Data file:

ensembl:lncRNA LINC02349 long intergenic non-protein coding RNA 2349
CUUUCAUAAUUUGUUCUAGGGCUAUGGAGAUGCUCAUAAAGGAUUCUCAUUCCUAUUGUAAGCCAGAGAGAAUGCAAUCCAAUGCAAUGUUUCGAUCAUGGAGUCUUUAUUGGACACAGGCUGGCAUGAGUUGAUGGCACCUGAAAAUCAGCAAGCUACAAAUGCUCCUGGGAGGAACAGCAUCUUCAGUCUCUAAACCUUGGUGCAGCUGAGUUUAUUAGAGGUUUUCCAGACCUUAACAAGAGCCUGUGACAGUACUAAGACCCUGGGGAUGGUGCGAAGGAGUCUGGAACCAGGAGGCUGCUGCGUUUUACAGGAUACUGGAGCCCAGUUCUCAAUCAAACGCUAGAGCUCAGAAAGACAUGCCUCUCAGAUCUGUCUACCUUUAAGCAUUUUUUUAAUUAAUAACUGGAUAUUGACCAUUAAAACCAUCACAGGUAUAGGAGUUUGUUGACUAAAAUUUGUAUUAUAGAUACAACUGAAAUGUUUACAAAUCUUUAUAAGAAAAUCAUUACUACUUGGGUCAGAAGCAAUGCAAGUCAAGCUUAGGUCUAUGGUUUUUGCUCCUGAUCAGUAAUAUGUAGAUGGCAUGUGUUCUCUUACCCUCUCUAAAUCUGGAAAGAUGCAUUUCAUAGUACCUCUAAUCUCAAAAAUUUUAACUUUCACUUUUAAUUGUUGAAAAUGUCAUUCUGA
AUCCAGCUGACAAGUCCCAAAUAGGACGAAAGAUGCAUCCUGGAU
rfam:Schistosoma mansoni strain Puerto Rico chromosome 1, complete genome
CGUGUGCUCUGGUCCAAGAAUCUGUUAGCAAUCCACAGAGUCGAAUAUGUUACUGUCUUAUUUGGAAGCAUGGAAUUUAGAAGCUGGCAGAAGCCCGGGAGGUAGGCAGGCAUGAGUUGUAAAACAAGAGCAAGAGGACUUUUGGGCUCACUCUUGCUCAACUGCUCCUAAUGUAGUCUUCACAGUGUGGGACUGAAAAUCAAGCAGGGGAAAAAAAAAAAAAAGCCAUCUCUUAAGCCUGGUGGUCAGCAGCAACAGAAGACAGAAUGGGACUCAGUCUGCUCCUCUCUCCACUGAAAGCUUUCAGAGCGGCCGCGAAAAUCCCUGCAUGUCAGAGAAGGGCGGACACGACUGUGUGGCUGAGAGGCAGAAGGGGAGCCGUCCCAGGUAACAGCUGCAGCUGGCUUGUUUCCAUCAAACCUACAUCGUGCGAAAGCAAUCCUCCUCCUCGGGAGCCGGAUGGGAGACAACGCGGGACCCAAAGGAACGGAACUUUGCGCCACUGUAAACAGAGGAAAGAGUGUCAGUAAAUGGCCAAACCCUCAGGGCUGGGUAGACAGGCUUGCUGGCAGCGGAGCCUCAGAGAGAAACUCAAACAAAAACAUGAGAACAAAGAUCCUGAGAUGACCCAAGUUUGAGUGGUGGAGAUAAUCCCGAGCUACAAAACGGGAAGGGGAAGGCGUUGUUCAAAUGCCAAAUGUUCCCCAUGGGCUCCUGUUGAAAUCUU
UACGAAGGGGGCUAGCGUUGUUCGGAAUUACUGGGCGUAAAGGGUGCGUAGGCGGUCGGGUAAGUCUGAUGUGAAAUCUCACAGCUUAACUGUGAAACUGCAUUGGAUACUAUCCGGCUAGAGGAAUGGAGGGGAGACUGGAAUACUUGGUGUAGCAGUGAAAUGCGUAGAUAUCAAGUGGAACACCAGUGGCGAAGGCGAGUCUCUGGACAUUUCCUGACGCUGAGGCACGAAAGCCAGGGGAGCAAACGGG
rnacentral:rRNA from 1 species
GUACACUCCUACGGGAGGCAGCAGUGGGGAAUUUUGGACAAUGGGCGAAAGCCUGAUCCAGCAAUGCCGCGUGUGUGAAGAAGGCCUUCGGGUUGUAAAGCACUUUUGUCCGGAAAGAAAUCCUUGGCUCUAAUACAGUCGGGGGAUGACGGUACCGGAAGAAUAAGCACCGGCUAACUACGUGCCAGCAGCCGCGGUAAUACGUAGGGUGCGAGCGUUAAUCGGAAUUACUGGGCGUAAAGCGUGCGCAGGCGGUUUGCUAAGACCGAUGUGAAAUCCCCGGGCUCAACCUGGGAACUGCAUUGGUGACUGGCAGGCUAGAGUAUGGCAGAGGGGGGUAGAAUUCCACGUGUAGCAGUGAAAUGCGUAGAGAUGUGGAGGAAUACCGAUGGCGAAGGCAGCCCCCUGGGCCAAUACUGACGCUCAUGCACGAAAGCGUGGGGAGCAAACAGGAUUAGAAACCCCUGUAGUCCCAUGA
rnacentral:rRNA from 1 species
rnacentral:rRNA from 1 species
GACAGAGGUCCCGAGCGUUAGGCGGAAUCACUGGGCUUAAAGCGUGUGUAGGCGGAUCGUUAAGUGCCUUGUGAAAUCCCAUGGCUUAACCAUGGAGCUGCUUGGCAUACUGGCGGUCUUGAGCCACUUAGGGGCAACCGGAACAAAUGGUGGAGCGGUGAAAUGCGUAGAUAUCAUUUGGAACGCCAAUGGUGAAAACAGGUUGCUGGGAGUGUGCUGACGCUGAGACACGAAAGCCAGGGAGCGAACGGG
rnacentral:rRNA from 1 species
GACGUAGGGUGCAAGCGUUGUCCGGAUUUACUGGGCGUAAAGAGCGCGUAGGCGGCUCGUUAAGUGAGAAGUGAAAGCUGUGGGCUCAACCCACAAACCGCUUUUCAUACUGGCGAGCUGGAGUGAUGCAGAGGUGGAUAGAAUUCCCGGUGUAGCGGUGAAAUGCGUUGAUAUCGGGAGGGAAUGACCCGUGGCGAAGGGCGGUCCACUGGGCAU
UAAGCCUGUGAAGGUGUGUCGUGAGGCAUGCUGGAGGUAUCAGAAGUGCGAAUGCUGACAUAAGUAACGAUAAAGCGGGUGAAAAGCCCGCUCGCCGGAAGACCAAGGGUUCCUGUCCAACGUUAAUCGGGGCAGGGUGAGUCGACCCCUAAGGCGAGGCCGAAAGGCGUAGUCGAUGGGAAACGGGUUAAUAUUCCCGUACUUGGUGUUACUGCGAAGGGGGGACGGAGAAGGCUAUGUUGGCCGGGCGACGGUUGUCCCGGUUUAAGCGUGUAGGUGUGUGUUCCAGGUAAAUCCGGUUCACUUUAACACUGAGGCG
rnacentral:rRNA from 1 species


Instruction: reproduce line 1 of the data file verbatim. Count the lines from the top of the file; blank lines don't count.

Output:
ensembl:lncRNA LINC02349 long intergenic non-protein coding RNA 2349